Hacking started in the ‘70s when a group of friends decided to tap into phone lines and make calls for free. Those people were called Phone Phreaks, a group of young men who twisted technology and used their technological know-how to create simpler solutions to complicated problems. What started as an intrinsically good past time slowly became a form of pranksterism. The Phone Phreaks soon held phone conferences from everywhere in the world. However, Telephone companies were less than delighted, and phone tapping became a crime.
As more and more Phone Phreaks got persecuted for these crimes, the movement stopped, and the Phone Phreaks were almost of the extrinct race. However, the sensibilities of trying to one-up learned engineers and big corporations did not die down. A couple years passed and the same Phone Phreaks discovered a new form of technology to “play” with: the computer. And the exact same people who started and led Phone Phreak conferences were the people who started hacking computers, a new revolutionary product that everyone wanted to have.
Back then, computers really did not have any practical purpose at home, but for a hacker, the simple joy of watching the screen light up, and looking at moving blobs of colors were enough. However, with the advent of the internet, everything changed. When the internet was first used, all the information was open for everyone to use and manipulate. However, with the internet slowly becoming a place of business and transactions, where a lot of personal and, supposedly, confidential information about people and companies are stored, hackers posed as a huge threat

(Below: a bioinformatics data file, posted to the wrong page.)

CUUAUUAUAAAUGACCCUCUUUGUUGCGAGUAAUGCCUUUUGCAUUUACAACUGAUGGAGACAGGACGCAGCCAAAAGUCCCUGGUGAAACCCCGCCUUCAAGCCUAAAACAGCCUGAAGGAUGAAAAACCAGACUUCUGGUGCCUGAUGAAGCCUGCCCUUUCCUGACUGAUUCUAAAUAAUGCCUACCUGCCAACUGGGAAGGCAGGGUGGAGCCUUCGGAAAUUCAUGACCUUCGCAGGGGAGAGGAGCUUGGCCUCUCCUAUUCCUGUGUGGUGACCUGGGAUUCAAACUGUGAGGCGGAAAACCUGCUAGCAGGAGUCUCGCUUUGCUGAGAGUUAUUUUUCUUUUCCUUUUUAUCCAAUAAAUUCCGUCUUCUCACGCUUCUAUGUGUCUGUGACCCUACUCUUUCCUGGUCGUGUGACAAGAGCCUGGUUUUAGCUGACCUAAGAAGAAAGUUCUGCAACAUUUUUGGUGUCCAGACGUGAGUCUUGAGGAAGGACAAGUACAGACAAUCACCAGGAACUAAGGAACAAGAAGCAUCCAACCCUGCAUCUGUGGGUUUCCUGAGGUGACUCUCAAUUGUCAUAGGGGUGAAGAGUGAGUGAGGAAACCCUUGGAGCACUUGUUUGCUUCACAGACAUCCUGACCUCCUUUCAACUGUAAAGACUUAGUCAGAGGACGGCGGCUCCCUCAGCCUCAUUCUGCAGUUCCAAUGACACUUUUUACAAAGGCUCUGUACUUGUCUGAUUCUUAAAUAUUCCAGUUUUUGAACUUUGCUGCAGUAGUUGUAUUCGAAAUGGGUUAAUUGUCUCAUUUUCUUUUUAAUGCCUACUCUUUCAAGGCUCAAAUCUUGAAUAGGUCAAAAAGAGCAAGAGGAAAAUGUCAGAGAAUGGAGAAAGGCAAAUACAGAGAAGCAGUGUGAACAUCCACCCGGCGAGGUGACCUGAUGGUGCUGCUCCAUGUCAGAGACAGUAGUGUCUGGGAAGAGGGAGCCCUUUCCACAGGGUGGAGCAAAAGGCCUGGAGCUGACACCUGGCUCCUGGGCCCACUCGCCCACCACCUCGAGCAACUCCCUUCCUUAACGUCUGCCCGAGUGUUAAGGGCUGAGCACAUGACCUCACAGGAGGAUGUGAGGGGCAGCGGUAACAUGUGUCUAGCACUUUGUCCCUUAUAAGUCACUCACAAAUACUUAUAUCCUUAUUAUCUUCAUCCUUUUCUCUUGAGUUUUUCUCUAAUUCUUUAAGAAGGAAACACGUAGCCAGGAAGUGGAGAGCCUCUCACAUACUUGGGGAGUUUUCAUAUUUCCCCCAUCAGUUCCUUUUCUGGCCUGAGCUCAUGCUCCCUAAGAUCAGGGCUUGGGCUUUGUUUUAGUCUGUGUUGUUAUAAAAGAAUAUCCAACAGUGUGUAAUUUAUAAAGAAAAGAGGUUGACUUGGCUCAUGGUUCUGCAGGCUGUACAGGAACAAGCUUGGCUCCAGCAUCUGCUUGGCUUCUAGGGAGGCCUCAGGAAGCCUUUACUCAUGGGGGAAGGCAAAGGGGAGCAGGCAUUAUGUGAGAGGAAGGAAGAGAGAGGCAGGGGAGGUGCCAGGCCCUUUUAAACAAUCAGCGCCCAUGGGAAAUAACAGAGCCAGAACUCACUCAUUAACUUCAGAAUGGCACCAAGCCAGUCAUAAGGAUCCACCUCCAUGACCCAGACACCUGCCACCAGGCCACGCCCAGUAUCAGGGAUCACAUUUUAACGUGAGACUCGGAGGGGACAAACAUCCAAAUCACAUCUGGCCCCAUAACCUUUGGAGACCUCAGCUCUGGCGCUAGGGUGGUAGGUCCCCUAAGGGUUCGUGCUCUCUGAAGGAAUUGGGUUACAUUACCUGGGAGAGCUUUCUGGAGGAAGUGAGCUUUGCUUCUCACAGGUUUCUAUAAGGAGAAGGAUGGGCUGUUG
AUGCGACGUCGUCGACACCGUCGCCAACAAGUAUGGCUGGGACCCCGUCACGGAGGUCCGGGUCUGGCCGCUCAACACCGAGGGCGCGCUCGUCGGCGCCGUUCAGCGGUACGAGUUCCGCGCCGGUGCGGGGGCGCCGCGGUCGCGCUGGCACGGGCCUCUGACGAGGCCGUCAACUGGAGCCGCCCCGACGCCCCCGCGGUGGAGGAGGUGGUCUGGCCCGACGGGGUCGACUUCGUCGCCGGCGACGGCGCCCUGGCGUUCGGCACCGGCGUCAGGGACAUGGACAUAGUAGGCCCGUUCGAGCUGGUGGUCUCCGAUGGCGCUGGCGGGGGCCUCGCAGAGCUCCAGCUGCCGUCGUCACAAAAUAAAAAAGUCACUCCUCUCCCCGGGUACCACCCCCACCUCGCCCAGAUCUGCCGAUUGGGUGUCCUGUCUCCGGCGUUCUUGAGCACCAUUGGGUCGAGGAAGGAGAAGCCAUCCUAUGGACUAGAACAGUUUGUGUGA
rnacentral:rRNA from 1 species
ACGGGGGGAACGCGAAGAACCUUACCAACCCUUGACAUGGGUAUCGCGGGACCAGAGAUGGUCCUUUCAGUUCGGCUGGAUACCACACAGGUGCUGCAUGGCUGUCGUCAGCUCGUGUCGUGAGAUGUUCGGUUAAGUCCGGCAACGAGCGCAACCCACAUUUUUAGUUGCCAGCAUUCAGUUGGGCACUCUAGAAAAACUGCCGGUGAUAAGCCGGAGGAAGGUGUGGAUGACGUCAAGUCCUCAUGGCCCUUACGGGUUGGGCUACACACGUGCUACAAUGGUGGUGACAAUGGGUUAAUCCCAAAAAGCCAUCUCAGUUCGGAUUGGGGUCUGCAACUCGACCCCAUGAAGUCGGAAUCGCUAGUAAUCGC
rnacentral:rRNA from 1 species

What started as a hobby of manipulating electronics to prank people and find easier solutions for common problems turned into something more serious. While Phone Phreaking in the 70s was encouraged as somewhat of an exercise of the mind, computer hacking was a far different story. Computer hackers did not stop at pranking people; they started to use information they gained from hacking government and corporate computers. Hacking became a crime.
According to PCWorld. About. com, some people even rigged phone systems to win two Porsches and other prizes at a radio contest. This poses an ethical problem that has always been a problem in society since the beginning of time: stealing. No matter what mode they use, may it be as blatant as rigging telephone lines to win prizes, or as furtive as stealing an identity to escape prosecution by the law, it is still all considered stealing.
Taking someone else’s property, and using the results of someone else’s hard work (without permission, and through deceit) to your advantage is very unethical, and is one of the most basic things society teaches us not to do, no matter how hard times may be. Somehow, hackers forget that what they do is stealing, because they are too focused on breaking down systems and trying to outsmart companies and electronics. Hackers are intelligent people, yet instead creating their own products and reap the fruits of their own labor, they do the opposite, and use their skills and abilities to take advantage of other people’s weaknesses.